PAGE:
Ground Level Ozone Regulations Essay

What: In 1997 the Environmental Protection Agency(EPA)
established new ozone standards. The EPA also placed special
restrictions on twenty-two states in the Ohio Valley and Midwest
regions to prevent emissions from coal-burning power plants from
being carried into the New England States by wind currents.
(Tennessee is one of these twenty-two states.) Both of these
rulings were recently either struck down or placed on hold by
Federal Appeals Courts.

Why: The regulations put into place in 1997 by the EPA were
more restrictive than the 1990 standards. The regulations limit
the amount of ground level ozone and fine particle pollution
permitted. Ground level ozone is produced by nitrogen oxide(NOx)
which is created by burning fossil fuels. Since gasoline and
diesel are both fossil fuels, then NOx is a major component of
automobile emissions. Several members of the trucking and fossil
fuel industries, as well as members of the twenty-two state
region, have challenged the regulations in Federal Court and have
been successful in blocking the implementation of the new rules.
In the past two months, two separate Federal Court Of Appeals
panels have ruled that the EPA’s authority to establish clean air
standards is not properly delegated by Congress under the Clean
Air Act. Therefore, since the EPA is a part of the Executive
branch of government and not the Legislative, they have no
authority to produce regulations on their own. The plaintiffs in
the case also argued that the amount of pollution a person can
tolerate has not been established and until it is the EPA should
not make the current regulations more restrictive.
How: The main actors in this event are the American
Trucking Associations and their fellow plaintiffs, the twenty-two
state coalition, the EPA, and the Federal Appeals Court.

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Why would the American Trucking Associations and other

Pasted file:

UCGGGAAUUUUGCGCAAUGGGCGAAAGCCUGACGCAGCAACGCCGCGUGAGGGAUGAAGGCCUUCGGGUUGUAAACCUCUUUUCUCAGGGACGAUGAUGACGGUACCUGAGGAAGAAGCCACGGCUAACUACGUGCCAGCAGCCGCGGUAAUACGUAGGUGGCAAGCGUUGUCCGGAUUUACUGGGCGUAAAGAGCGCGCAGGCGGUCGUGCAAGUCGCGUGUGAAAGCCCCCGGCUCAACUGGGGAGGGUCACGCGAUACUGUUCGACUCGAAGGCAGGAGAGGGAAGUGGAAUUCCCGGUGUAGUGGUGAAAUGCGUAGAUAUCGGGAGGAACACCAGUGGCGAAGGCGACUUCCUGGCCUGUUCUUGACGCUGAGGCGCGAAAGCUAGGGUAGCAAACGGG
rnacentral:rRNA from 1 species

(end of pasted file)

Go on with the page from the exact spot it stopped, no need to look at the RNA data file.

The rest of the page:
fossil fuel burning industries want to limit the EPA’s authority?
What do they have to gain? Last year, according to the EPA’s own
press release detailing their enforcement efforts in fiscal year
1998, the EPA referred 266 criminal cases to the Department of
Justice, as well as 411 civil court cases. Approximately half of
the civil cases required violators to change the way they manage
their facilities or to reduce their emissions or discharges. The
EPA also assessed almost $93 million dollars in criminal fines
and another $92 million in civil penalties. In addition to fines
and penalties, polluters spent over $2 billion dollars to correct
violations. Not included in this estimate would be the legal
expenses incurred or the advertising and marketing costs required
to mend a damaged pubic relations image. Clearly it is in the
industries’ best financial interest if the regulations are less
restrictive. Many companies that spent large amounts of money to
meet the 1990 Clean Air Act standards would have to spend even
more to meet the amended 1997 standards.
Do the states in the twenty-two state region have another
reason to argue against the standards? According to Sean
Cavanagh’s article in the April 4, 1999 edition of the
Chattanooga Times/Free Press, Atlanta lost $700 million in
federal roads money as a result of failing to come up with a
pollution containment plan. In addition, the state of Georgia
had to fund a state “superagency” to develop and enforce transit
plans that meet federal standards. The states joined the
industrial groups in claiming that the new standards are too
strict and are unnecessary. Chattanooga is not expected to meet
the new requirements by the year 2000 deadline and Chattanooga
Mayor Kensey and Tennessee Governor Sundquist were two of the
public officials who protested the new standards as being too

Are the new standards too strict? How does the EPA
determine the required levels? According to the press release
issued by the EPA following the court’s decision, the Federal
Courts are not questioning “the science and process conducted by
the EPA justifying the setting of new, more protective
standards.” The EPA claims that their standards, which are
designed to limit the affects that smog and soot have on people